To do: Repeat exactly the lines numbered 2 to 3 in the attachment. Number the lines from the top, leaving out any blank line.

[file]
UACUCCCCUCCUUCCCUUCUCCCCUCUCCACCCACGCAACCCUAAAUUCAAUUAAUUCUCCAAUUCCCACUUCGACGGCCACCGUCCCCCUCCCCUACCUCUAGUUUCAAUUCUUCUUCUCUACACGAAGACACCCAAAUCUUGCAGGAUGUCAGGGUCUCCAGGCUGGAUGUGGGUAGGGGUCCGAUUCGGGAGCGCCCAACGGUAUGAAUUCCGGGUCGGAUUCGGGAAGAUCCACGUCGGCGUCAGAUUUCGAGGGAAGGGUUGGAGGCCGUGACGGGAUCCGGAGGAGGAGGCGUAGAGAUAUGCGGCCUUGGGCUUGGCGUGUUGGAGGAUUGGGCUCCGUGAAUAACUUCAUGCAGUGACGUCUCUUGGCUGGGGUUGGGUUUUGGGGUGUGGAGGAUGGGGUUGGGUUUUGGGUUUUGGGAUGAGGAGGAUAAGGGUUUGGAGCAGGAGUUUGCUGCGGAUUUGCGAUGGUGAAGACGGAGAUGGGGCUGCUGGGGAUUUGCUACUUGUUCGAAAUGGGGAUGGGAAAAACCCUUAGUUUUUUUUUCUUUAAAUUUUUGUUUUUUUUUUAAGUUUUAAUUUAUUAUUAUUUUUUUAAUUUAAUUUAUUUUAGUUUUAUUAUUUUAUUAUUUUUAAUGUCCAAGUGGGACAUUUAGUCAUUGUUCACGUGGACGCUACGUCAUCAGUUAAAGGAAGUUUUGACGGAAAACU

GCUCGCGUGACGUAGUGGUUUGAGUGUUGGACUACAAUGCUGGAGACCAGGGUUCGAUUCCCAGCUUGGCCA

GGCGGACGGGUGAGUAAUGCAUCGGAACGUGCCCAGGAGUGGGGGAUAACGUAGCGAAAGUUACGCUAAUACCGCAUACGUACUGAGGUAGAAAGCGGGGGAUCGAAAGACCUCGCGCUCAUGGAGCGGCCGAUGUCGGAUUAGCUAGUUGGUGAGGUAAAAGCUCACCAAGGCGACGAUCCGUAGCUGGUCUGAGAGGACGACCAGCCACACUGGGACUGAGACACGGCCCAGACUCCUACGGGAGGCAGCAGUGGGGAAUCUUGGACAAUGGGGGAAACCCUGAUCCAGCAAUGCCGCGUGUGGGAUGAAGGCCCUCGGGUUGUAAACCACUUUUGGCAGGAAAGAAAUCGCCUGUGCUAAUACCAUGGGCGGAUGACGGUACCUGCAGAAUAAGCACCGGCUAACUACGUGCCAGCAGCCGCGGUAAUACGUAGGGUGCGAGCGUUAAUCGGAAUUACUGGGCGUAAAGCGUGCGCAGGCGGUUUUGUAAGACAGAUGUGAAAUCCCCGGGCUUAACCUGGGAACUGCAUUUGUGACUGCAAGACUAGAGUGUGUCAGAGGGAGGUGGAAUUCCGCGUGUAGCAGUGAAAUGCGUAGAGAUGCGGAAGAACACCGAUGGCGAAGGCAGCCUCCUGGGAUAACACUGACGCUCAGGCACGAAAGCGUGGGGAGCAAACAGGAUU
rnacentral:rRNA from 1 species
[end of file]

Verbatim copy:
GCUCGCGUGACGUAGUGGUUUGAGUGUUGGACUACAAUGCUGGAGACCAGGGUUCGAUUCCCAGCUUGGCCA

GGCGGACGGGUGAGUAAUGCAUCGGAACGUGCCCAGGAGUGGGGGAUAACGUAGCGAAAGUUACGCUAAUACCGCAUACGUACUGAGGUAGAAAGCGGGGGAUCGAAAGACCUCGCGCUCAUGGAGCGGCCGAUGUCGGAUUAGCUAGUUGGUGAGGUAAAAGCUCACCAAGGCGACGAUCCGUAGCUGGUCUGAGAGGACGACCAGCCACACUGGGACUGAGACACGGCCCAGACUCCUACGGGAGGCAGCAGUGGGGAAUCUUGGACAAUGGGGGAAACCCUGAUCCAGCAAUGCCGCGUGUGGGAUGAAGGCCCUCGGGUUGUAAACCACUUUUGGCAGGAAAGAAAUCGCCUGUGCUAAUACCAUGGGCGGAUGACGGUACCUGCAGAAUAAGCACCGGCUAACUACGUGCCAGCAGCCGCGGUAAUACGUAGGGUGCGAGCGUUAAUCGGAAUUACUGGGCGUAAAGCGUGCGCAGGCGGUUUUGUAAGACAGAUGUGAAAUCCCCGGGCUUAACCUGGGAACUGCAUUUGUGACUGCAAGACUAGAGUGUGUCAGAGGGAGGUGGAAUUCCGCGUGUAGCAGUGAAAUGCGUAGAGAUGCGGAAGAACACCGAUGGCGAAGGCAGCCUCCUGGGAUAACACUGACGCUCAGGCACGAAAGCGUGGGGAGCAAACAGGAUU